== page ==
# Measurement of Length Lesson Plan: Standard and Nonstandard Units

### Submitted by: Stefanie Sheridan

In this measurement of length lesson plan, which is adaptable for grades K-3, students use BrainPOP Jr. resources to explore non-standard and standard units for measuring length. Students then use non-standard and standard units to measure the length of various objects and themselves/their classmates.

### Students will:

1. Learn about non standard and standard units for measuring length
2. Use non-standard and standard units to measure the length of various objects and themselves

### Materials:

• Internet access for BrainPOP Jr.
• Interactive whiteboard (or LCD projector)
• Sidewalk chalk
• Paper and pencil for each student
• Non-standard measurement units, such as DVD cases
• Paperclips
• Rulers
• Class set of the Activity

### Vocabulary:

length; width; height; inch; foot; compare; predict; summarize

### Preparation:

Preview the Inches and Feet movie and prepare pause points for discussion.

### Lesson Procedure:

1. Project the Talk About It feature for the class. Demonstrate how to measure in standard and non-standard units and record the results by typing directly into the form.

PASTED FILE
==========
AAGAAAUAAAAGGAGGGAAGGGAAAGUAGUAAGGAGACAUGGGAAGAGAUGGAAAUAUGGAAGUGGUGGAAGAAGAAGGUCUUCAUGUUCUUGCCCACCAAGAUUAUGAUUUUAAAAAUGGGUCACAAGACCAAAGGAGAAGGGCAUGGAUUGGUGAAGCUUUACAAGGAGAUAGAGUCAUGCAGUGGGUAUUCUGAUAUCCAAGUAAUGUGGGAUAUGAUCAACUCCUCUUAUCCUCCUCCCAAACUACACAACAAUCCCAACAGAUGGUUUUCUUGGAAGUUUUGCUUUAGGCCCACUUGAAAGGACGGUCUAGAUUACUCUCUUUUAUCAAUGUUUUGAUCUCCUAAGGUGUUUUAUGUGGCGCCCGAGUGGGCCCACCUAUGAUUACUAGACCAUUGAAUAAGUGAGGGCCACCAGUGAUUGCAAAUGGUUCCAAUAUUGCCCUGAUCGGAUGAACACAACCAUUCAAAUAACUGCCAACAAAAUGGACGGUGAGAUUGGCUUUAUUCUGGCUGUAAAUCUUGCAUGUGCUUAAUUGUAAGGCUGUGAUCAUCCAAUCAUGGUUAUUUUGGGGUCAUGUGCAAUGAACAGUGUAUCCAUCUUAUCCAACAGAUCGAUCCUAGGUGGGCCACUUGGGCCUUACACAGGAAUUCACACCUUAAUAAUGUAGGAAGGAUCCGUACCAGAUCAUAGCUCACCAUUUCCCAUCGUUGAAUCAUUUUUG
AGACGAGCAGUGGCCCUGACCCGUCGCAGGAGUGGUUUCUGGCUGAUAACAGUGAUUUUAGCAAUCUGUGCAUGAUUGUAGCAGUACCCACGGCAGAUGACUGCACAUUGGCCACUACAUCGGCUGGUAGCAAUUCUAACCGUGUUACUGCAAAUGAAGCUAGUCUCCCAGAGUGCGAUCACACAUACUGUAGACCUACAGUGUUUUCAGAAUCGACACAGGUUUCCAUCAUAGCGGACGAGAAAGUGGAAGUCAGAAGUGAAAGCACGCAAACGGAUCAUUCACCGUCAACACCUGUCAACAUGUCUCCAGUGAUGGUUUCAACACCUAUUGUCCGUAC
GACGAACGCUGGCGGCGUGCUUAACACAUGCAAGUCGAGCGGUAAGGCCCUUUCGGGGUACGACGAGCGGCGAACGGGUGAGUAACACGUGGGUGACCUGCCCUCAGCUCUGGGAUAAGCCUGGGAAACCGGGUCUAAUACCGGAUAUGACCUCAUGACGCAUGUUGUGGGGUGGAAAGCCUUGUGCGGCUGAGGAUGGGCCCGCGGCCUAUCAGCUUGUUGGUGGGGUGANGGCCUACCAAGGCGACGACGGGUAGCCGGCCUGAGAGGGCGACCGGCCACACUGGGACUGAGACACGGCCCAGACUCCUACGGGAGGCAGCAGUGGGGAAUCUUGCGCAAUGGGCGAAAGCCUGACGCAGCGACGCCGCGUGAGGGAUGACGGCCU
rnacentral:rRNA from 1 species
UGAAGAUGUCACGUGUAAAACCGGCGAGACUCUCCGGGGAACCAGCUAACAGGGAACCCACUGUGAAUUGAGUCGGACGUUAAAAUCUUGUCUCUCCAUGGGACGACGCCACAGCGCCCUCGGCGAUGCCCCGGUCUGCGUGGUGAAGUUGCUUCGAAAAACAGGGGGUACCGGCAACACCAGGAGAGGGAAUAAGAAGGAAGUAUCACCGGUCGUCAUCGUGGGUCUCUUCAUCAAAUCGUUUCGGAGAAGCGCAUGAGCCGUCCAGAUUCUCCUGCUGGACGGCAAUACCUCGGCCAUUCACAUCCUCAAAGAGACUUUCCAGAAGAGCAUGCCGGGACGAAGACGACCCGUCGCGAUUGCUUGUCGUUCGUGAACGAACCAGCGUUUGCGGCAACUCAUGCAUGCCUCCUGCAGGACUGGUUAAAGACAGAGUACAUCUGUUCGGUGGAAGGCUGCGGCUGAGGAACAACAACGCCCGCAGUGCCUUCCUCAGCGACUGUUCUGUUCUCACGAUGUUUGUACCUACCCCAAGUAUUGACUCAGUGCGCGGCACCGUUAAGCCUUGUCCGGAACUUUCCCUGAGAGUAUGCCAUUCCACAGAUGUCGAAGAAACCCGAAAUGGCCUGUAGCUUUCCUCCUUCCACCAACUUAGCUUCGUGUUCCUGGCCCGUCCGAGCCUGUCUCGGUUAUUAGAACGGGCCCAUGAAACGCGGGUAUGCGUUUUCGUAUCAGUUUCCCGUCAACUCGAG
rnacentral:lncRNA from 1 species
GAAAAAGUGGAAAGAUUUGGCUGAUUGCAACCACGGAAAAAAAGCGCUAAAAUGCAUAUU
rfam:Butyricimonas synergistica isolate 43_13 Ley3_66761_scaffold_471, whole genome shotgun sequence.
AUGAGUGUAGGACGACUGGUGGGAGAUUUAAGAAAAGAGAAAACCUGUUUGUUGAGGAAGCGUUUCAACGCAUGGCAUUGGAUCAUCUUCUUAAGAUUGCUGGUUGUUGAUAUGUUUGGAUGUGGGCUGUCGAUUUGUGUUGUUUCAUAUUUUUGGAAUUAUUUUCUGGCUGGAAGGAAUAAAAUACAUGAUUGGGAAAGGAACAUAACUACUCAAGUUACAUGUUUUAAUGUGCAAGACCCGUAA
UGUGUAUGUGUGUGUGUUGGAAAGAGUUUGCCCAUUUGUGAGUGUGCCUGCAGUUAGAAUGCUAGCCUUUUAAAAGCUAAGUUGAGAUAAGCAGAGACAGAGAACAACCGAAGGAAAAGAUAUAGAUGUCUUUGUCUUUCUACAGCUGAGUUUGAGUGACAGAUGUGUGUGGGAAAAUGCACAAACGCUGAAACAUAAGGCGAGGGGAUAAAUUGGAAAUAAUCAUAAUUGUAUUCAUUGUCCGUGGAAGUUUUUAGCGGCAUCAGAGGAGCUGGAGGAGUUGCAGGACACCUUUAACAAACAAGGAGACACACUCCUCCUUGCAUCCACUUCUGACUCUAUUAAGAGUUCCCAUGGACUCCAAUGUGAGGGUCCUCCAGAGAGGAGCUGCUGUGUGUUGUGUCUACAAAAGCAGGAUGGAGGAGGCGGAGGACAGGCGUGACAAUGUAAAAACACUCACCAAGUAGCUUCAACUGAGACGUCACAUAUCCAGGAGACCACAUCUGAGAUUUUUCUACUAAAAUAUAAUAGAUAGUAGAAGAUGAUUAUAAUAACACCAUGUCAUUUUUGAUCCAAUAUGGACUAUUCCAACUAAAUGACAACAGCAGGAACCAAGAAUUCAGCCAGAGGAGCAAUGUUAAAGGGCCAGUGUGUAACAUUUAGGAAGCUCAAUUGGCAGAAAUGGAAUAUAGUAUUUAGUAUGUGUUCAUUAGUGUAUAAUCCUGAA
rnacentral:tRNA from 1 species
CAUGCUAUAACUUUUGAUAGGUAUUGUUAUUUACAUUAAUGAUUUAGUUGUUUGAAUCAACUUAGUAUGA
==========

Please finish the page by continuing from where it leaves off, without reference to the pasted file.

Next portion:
2. Show the Inches and Feet movie to the class.
3. Pass out the Activity and have students practice measuring with the paperclip (nonstandard unit) and ruler (standard unit.)
4. Take students outside. Have a student lay down on the sidewalk and demonstrate how to measure from his or her feet to his or her head. Use both nonstandard and standard measures.
5. Pair students up and have them take turns measuring one another using both measurement tools. Have students record the measurements on a chart or on their own paper (perhaps the back of the activity paper they completed earlier.)
6. Talk with students about the measurements they recored. Who is taller? Who is shorter?
7. Bring students back to the classroom and have them write about what they learned. They could write, for example: "John is 10 bricks long. I am 6 bricks long. 10 is 4 more than 6 so John is taller."
8. As a review or assessment, have students play the Game or take the Easy Quiz or Hard Quiz.

### Extension Activity:

This activity could also be completed at home with a parent or caregiver. Share the link to this lesson with students' family members and have them measure one another! Students can write about their findings and compare the height of each family member, then bring their research into school to discuss and share.